Put another way, Roof made the very amateur mistake of killing people who couldn’t be turned into “thugs” by right-wing media. Every single outrageous harming or killing of a black citizen in recent memory has been followed by an avalanche of smears of the victim. Even the petite teenage girl roughed up by a cop at a Texas pool party was smeared on Fox News, I understand. Maybe I’ve missed it, but I haven’t heard any such smears this time.
It was a Bible study group, after all, killed by a teenage punk who had been planning it for months. No excuses this time.
The Confederate battle flag — that bellicose assertion of a Southern “heritage” otherwise known as “white supremacy,” that defiant, “fuck you” of a symbol in whose honor the blood of far more than nine people has been shed — it wasn’t suddenly toxic because of last week’s massacre in Charleston. Multinational corporations, and the politicians they keep on retainer, weren’t disowning the flag because of a popular movement. The people hadn’t had the time to organize. The pavement on this road to Damascus was still wet.
Instead, what was actually happening, behind the scenes, wasn’t nearly so romantic. No one was breaking from their usual habits. Everyone, in fact, was doing what they always did. The profit-seeking entities were trying to maximize future earnings; and the state-level politicians were following their demands. This wasn’t a case of the powers-that-be doing something they resented. No one was pushed here; everyone was ready to jump.
In other words, all that white supremacy stuff is bad for business.
Not for the first time in 2015, the conservative movement has found itself on the losing side of a culture war battle it once routinely won. And just as was the case in Indiana, when a petty and combative anti-gay law inspired national boycotts and a business-sector backlash, movement conservatives cannot fathom how liberals aren’t to blame. It’s conservatives, after all, who man the ramparts to protect capitalism and big business. As he was ranting about “the left’s” war on the Confederate flag on Tuesday, one could almost hear Rush Limbaugh transform into Walter Sobchak from “The Big Lebowski,” bellowing, “Has the whole world gone crazy?!”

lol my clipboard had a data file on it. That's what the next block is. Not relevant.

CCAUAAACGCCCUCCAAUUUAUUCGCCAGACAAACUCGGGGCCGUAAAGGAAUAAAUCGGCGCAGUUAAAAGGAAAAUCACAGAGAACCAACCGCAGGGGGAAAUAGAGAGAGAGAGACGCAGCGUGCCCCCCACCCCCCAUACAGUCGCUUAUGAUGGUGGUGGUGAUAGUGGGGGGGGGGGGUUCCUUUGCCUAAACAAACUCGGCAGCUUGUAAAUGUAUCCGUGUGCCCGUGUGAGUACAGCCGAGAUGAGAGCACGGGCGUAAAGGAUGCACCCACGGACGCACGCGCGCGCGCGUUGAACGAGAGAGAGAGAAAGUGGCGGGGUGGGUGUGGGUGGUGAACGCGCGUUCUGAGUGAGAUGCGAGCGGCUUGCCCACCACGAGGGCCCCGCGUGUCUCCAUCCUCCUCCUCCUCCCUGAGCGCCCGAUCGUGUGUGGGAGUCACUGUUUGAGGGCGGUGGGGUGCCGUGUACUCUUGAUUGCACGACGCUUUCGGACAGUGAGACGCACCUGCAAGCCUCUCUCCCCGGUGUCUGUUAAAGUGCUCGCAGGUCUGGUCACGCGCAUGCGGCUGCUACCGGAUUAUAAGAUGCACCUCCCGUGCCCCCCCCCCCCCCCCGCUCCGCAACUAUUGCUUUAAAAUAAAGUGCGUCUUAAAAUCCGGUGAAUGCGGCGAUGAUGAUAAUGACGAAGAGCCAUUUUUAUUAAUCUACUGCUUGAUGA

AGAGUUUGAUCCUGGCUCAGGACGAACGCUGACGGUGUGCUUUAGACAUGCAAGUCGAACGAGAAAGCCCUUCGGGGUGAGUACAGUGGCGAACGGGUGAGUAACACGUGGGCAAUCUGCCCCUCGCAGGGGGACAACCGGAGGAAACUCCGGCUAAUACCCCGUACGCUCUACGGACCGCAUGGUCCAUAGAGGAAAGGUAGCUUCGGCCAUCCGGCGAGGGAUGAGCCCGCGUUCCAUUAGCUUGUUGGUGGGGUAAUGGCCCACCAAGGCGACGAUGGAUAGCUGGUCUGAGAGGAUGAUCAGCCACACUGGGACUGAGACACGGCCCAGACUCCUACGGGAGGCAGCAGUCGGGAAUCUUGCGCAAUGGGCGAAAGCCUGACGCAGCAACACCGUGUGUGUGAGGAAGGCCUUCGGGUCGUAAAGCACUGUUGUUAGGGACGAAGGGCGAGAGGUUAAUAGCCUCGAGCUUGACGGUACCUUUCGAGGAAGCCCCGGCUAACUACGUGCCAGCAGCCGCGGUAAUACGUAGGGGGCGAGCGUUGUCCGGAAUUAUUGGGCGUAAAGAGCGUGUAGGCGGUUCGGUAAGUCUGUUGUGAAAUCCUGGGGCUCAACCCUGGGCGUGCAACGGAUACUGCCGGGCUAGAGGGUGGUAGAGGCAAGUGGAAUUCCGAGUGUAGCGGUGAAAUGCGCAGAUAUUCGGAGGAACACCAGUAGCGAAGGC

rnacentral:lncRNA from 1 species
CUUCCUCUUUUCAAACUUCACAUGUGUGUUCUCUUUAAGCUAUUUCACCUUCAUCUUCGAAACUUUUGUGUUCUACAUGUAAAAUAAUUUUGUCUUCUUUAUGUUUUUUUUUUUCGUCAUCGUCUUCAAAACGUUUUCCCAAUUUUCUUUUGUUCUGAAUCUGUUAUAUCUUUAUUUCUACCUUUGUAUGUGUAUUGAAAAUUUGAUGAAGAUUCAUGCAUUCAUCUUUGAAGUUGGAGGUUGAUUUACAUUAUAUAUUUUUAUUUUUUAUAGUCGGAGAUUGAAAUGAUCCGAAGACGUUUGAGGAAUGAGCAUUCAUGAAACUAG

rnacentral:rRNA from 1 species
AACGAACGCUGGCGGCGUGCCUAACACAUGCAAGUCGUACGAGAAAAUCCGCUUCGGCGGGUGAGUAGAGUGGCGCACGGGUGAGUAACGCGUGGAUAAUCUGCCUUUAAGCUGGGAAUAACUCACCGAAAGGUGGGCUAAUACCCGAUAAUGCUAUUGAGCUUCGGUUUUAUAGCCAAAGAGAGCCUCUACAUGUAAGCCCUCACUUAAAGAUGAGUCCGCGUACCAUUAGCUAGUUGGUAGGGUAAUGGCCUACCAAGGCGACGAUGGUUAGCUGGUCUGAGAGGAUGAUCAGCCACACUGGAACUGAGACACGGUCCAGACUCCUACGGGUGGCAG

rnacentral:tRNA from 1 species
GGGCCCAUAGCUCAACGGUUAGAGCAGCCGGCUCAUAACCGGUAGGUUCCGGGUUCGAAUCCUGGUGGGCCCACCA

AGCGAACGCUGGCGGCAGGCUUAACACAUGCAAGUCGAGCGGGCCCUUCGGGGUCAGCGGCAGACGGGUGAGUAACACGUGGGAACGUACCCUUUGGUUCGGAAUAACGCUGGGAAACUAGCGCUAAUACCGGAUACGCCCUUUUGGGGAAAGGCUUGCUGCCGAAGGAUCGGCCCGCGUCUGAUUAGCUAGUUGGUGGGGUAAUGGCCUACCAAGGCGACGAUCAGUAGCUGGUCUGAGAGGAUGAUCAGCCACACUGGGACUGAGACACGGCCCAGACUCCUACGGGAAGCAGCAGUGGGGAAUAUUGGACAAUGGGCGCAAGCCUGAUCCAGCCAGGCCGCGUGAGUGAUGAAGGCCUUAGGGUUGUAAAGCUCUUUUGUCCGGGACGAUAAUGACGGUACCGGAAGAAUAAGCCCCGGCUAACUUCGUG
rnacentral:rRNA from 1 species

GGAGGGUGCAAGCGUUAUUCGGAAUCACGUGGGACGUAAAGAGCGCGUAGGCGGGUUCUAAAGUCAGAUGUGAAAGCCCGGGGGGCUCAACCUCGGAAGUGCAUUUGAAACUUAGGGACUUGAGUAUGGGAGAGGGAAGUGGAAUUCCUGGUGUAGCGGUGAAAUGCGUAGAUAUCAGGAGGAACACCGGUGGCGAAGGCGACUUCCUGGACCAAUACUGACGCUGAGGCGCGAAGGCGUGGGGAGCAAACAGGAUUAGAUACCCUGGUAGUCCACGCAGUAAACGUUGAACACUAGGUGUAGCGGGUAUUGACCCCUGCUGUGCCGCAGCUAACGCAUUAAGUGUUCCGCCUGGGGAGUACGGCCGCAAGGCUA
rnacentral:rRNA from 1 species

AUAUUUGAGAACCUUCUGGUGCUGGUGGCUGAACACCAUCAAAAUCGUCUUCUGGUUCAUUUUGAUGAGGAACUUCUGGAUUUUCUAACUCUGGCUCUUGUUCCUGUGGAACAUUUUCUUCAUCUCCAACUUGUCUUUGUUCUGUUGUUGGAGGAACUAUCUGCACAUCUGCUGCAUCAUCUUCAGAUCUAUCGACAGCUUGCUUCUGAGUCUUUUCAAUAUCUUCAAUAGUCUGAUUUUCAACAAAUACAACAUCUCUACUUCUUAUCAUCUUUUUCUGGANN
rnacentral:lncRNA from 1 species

The conservative movement fancies itself to be pro-business, just as it fancies itself to be pro-national security. But, increasingly, their ideas are out of touch with reality on both fronts.
Yet for all the right’s professed belief in “common sense,” the reason why businesses were, metaphorically, setting the flag to the flame continued to elude conservatives, even when it was staring them in the face. As CNN, the Associated Press and others reported, the Amazons, eBays, Sears and Walmarts of the world weren’t acting out of fear or sentiment. Their motivations were straightforward, cold, and rational. Walmart wants to shed its reputation as a Red State phenomenon; Sears wants to prove it’s not exclusively for dads; Amazon’s politics are, if anything, probably “liberaltarian”; and it’s hard to imagine eBay’s pro-Confederate market was ever that big.
To paraphrase the Dao De Jing — Capitalism is not sentimental; it treats all things as straw dogs. Ironically, and incomprehensibly to the fellow quoted in the New York Times yesterday, the route of Confederate symbols isn’t the beginning of Communism. It’s Capitalism that decided Confederate symbols had to go.
So it’s probably not true, as someone else said, that Dylann Roof is pretty much singlehandedly responsible for the fall of the Confederate Flag. However, he did help create the moment that made the Route possible.